Rebecca Joubin, The Politics of Love: Sexuality, Gender, and Marriage in Syrian Television Drama. Lanham, MD: Lexington Books, 2013.
Jadaliyya (J): What made you write this book?
Rebecca Joubin (RJ): Despite the mass media attention that the most prolonged crisis of the “Arab Spring turned Winter” has generated, Syria remains an enigma. In order to attain a small modicum of understanding, one must sift through biased information from all sides of the uprising. In The Politics of Love: Sexuality, Gender, and Marriage in Syrian Television Drama, I contend that Syria’s television industry provides insight into the political and cultural climate of Syria prior to and following the uprising. During my preliminary fieldwork in 2000 and 2001, my extended residence in Damascus from 2002 through 2008, and fieldwork there during the summers of 2010 and 2011, I was privileged to have known leading Syrian drama creators who were dedicating their lives to transforming society and politics from within.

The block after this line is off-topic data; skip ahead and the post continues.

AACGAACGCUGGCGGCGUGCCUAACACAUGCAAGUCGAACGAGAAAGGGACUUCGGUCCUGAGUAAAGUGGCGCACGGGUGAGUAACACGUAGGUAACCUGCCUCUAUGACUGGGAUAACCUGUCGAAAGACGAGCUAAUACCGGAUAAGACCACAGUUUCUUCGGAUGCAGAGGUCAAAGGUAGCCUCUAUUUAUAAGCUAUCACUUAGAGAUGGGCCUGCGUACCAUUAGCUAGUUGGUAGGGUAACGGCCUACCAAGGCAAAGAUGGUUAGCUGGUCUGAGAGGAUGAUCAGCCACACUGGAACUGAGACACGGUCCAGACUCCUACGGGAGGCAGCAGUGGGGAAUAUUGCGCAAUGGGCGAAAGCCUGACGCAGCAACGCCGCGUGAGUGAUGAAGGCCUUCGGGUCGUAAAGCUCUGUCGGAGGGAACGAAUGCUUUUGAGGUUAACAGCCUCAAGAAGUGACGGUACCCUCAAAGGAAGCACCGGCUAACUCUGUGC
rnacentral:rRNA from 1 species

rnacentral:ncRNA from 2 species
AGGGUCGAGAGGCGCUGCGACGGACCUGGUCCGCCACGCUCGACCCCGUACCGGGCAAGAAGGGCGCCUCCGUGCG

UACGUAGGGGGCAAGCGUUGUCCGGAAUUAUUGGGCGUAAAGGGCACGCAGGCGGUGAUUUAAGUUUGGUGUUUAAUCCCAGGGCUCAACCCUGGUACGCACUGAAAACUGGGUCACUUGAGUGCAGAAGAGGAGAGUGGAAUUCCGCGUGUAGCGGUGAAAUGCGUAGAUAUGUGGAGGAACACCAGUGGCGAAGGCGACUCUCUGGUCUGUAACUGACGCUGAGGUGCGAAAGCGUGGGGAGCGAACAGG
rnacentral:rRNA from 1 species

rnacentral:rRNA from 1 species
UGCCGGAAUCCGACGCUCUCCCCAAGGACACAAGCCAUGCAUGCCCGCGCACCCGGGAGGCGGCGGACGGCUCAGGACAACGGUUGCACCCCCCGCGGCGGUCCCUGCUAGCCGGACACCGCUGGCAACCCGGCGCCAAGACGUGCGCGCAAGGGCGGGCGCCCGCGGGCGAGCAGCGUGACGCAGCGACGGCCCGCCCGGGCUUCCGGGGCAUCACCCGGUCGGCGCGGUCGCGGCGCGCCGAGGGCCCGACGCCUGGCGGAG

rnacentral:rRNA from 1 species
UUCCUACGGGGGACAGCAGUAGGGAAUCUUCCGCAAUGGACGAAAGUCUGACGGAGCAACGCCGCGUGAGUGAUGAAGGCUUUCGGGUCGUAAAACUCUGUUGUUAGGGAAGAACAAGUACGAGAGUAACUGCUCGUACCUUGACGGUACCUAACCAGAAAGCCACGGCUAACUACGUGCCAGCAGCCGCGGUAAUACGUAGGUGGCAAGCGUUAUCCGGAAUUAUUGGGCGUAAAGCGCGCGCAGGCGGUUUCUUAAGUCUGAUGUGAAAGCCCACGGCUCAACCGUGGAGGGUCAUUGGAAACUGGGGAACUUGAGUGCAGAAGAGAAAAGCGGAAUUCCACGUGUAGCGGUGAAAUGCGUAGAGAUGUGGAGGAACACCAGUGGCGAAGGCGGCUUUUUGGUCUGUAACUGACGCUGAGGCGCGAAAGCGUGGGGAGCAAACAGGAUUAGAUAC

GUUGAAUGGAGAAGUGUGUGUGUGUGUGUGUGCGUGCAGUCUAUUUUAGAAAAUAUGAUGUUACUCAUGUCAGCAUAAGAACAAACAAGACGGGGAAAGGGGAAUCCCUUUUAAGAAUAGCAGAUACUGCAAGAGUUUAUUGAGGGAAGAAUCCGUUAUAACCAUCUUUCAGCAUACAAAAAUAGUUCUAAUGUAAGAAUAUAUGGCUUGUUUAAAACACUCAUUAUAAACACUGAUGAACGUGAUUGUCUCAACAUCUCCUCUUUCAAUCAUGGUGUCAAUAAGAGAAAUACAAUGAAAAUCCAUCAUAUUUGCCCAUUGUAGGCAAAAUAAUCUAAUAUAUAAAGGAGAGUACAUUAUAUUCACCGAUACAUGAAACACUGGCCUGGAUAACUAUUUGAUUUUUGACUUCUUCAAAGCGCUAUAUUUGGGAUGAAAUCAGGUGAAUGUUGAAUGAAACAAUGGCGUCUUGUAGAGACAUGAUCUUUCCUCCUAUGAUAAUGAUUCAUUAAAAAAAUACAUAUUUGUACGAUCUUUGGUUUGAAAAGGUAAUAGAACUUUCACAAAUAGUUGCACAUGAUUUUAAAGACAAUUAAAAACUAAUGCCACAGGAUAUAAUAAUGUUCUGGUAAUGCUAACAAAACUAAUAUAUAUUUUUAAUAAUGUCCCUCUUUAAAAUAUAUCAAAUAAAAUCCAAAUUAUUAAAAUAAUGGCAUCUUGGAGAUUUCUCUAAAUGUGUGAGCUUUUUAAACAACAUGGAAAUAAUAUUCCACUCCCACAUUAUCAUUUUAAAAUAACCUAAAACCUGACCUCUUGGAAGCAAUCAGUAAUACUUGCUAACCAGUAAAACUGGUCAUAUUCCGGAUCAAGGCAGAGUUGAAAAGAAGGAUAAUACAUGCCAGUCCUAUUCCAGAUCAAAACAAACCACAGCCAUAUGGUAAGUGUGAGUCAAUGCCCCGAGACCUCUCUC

Although the research and writing of this book has been an important part of my life for years before the uprising, I wrote with a greater sense of urgency during the past few years. As I beheld a bleeding country that is a second home to me, it became all the more imperative to document this rich aspect of Syrian cultural history. Many of these intellectuals have suffered grave health issues, some have died, some have been imprisoned, while others have been dislocated and are no longer able to work in the domain of drama. Images of war, violence, and bloodshed have dominated the media, essentializing Syrian society. During these past few years, a sudden media interest in Syria has arisen. Yet as we all know from the horrific Iraq experience, this appeal is ephemeral. Indeed, we can already see the attraction dimming as Syria falls into a deadly stalemate. It appears that the sad realpolitik is that the world’s politicians are comfortable watching the fighting on all sides of this proxy war intensify, even fueling the flames of the conflict.